Tuesday, January 19, 2010


Police work can make even a good cop an alcoholic, at least in these two good movie gems: THE BLACK MARBLE and 8 MILLION WAYS TO DIE. Both movies based on bestsellers by Joseph Wambaugh and Lawrence Block

1980's The Black Marble, (a term used by a suspect, as someone with no luck) is a Wambaugh's version of a love story... a cop love story. Robert Foxworth plays Sgt. A.M. Valnikov, the most Russian cop you'll ever meet on the Hollywood beat; he sings, he dances and he also has a serious "potato juice" drinking problem... if you know what I mean? This cop would make Foster Brooks look like a Mormon (what... dated reference?) Paula Prentiss (I've dug her since WHERE THE BOYS ARE? What another dated reference?) plays Sgt. Natalie Zimmerman  his new no nonsense (& against her wishes) partner, both are divorced and unknowingly longing for a little love. Then there's perhaps the greatest piece of work in The Black Marble... Harry Dean Stanton.  Stanton plays, Philo Skinner a dog groomer who's into his bookie for some serious money, desperate he masterminds (and I use that word "mastermind" very loosely) a dog napping of a popular show dog to get him out of his jam. Stumbling on to this quirky case, it gives Foxworth a chance to put aside some of his demons (along with the possible chance for love with his new partner.)  Prentiss (always great) doesn't disappoint as her tough, icy exterior slowly melts away as she reluctantly gives her heart away to her down on his luck partner. She finds that his drinking is due to memories of a series of torcher murders involving children and the death of his ex-partner. Both are great in this picture and they really bring Wambaugh's characters to life, but as great as they are (and they are) it's the Harry Dean Stanton show, no one plays a desperate character like Harry Dean. The finale between Stanton and Foxworth, in a dog kennel is like no other... it's both hilarious and pathetic. It's a chase scene that's a long way from say; Bullet or Dirty Harry. Directed by Harold Becker who also helmed Wambaugh's more somber piece, THE ONION FIELD, does another great job here, making great use of Hollywood circa 1980. Also look for James Woods in a funny cameo as a street violinist (making this his third Wambaugh film adaptation; The Choir Boys & The Onion Field.)

Los Angeles goes "Miami Vice style" in 8 WAYS TO DIE, is based on the Lawrence Block novel, featuring his popular print, private eye character Matt Scudder. Jeff Bridges gives yet another slam bam performance, as the former sheriff's detective, who's loses his badge (& his family) due to his hard drinking ways. After Bridges hits bottom after a bad drug bust, that forces him to fatally use his weapon on a suspect at the family dinner table, he joins AA. Now sober (one day at a time), he  moonlights as unlicensed a private eye, Bridges suddenly finds himself working for Sunny, a beautiful hooker (the leggy, Alexandra Paul) who's desperate to get out of the business, unfortunately for her, Bridges lets her out of his sight and she soon winds up leaving the business the hard way; dead. Bridges now wrecked with guilt, goes on a black out bender and wakes up in the hospital, barley able to talk or walk. Having failed his client, he knows that he has to get back on the wagon to solve her murder. Bridges, soon finds himself playing a deadly game of chess, with a slick, snow cone loving drug dealer Angel Molonado (in a scene stealing performance by then newcomer Andy Garcia.) Caught in the middle of this 80's noir, is 80's sex symbol Rosanna Arquette, playing another hooker, she's a real tough cookie (or as Bridges calls her "the Pete Rose of the house", because she's what he calls a "player manager.") Bridges and Garcia use Arquette as a ping pong ball that bounces between the two as they try to out smart each other, with her in the middle. The films climax features an intense shootout (reminiscent of the final scene in Howard Hawk's western, RIO BRAVO.) The script was co-written by none other than Oliver Stone and is surprisingly the last film directed (with great zest) by the late, Hal Ashby (who's credits include such 70's classics: Shampoo, Being There, The Last Detail, Bound for Glory, Coming Home and Harold & Maude.) Oddly this great LA crime drama is not yet released on DVD.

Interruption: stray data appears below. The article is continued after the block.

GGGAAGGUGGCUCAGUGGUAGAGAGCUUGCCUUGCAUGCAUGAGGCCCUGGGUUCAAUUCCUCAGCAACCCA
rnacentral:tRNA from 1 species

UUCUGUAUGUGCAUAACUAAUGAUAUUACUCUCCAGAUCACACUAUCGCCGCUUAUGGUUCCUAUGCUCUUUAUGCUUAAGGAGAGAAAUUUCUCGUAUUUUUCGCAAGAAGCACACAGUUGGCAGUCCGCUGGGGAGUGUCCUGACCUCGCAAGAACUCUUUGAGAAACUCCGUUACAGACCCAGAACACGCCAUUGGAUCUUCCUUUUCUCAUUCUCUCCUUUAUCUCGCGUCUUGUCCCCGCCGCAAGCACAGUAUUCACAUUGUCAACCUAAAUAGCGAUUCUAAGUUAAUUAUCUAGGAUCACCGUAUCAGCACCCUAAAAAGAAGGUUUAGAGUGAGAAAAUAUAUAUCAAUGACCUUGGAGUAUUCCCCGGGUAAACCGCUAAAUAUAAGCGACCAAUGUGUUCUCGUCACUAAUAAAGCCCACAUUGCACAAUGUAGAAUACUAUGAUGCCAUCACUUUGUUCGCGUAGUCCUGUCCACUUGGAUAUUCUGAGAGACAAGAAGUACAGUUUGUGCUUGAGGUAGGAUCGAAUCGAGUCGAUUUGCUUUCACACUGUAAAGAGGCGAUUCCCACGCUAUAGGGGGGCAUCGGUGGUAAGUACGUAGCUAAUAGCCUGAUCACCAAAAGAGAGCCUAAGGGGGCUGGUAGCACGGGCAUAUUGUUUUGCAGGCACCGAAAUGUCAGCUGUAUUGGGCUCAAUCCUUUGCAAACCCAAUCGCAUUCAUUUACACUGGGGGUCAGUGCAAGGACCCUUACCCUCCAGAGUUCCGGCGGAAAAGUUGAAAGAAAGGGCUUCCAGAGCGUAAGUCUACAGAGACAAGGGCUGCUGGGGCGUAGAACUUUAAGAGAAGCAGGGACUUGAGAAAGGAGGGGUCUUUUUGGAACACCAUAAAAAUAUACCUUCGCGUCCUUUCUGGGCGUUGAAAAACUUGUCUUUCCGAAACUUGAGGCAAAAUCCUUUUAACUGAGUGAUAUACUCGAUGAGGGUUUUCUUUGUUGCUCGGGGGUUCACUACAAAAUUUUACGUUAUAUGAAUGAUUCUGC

Both The Black Marble and 8 Million Ways to Die, feature great Los Angeles film locations that really give you a feel for the city and the times that they were shot.  But after watching these heavy drinking heroes, you might want to have some asprin handy!

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